In infant boys, undescended testes (chryptorchidism) occurs when the testicles fail to drop from the abdomen down into the scrotum before birth. In 80 percent of cases, the undescended testicles will spontaneously drop into place on their own so initial treatment usually consists of watching and waiting.
If the testicles do not descend on their own, they can be treated with either hormones or surgery. If surgery is needed, it should be done by nine to 15 months of age, at the latest, to avoid future complications such as:
Hormone Treatment of Undescended Testicles
While a male fetus is still in the womb, hormones such as testosterone send a signal to the testicles to move from the abdomen—where they develop—to the scrotum. After birth, if the testicles have not descended, hormones (such as hCG or LH-releasing hormone) can be injected into one of the infant's muscles, often the buttocks. The method is typically used for those babies whose testicles are already near the scrotum, or when blood tests reveal that the undescended testes are the result of underlying hormonal conditions.
Researchers think hormone therapy works because it encourages the testicles to make testosterone, which signals their descent. The shots are given either daily or weekly, typically over a course of 5 weeks. Success rates vary and the approach has several risks, including:
- Skin discoloration
- Early pubic hair growth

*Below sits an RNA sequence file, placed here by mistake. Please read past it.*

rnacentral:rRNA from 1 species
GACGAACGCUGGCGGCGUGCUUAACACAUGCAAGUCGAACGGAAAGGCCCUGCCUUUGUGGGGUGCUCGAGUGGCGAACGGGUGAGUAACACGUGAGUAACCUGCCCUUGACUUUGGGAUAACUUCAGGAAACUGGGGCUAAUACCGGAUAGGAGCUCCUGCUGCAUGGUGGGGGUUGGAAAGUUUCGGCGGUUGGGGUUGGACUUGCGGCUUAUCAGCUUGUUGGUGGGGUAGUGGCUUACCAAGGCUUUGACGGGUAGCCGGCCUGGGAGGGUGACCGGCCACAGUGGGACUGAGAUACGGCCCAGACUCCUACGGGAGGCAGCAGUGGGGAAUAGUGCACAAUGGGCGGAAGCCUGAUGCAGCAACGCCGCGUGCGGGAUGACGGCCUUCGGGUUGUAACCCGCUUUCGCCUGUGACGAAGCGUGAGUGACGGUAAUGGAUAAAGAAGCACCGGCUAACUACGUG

- Increased penis size
- Erections in boys before puberty
Surgery for Undescended Testes
Surgery for an undescended testicle (orchiopexy) requires a surgeon to make an incision in the groin, then manually move the testicle into the scrotum. This procedure is successful in most (up to 98 percent) infant patients.
The surgery can also be done through a cut along the edge of the scrotum. This method is faster, produces less discomfort, and is safer. Other times doctors use a technique called laparoscopy, in which a small cut is made below the belly button. Since this method is less-invasive, infants tend to heal faster.
At many hospitals, laparoscopy is used when the testicles are located in the abdomen. The choice of surgery, however, depends upon the age of the patient, the size and location of the testicle, and the surgeon's skills with the procedures.
Main complications of surgery include:
- Testicle shrinkage
- Injury to the vas deferens, the tube that carries sperm to the ejaculate
- The testicle reascending into the abdomen
- Inflammation of the testicle or the epididymis (the tube where sperm mature)
- Fluid in the scrotum (hydrocele)
Infants can usually go home the day of the surgery. For fastest recovery, the incision should be kept dry for 48 hours. For one to two weeks, parents should try to prevent infants from playing games that involve straddling toys or participating in strenuous activities. Pain medications may be prescribed in the first 48 hours, if needed.
A follow-up visit will be scheduled a few weeks after the procedure to ensure the baby is healing well, and another one year later to make sure the testicle has remained in the scrotum and is developing normally.
Prognosis Following Treatment for Undescended Testes
Fewer than 20 out of 100 infant males have complete testicle descent with hormone therapy alone. If the testicle initially rested in a high position (either the abdomen or within the muscles of the abdominal wall), approximately 15 out of 100 boys who have been treated with hormones will have a recurrence. Although surgery typically produces a good outcome in 80 to 92 percent of cases, success still relies on the testicle's position at the time of the procedure.
Elder JS. (2011). Disorders and anomalies of the scrotal contents. Nelson Textbook of Pediatrics, 19th ed.
Hesse V, Fischer G. (1988). Three injections of human chorionic gonadotropin are as effective as ten injections in the treatment of cryptorchidism. Horm Res. 30(4-5):193-7.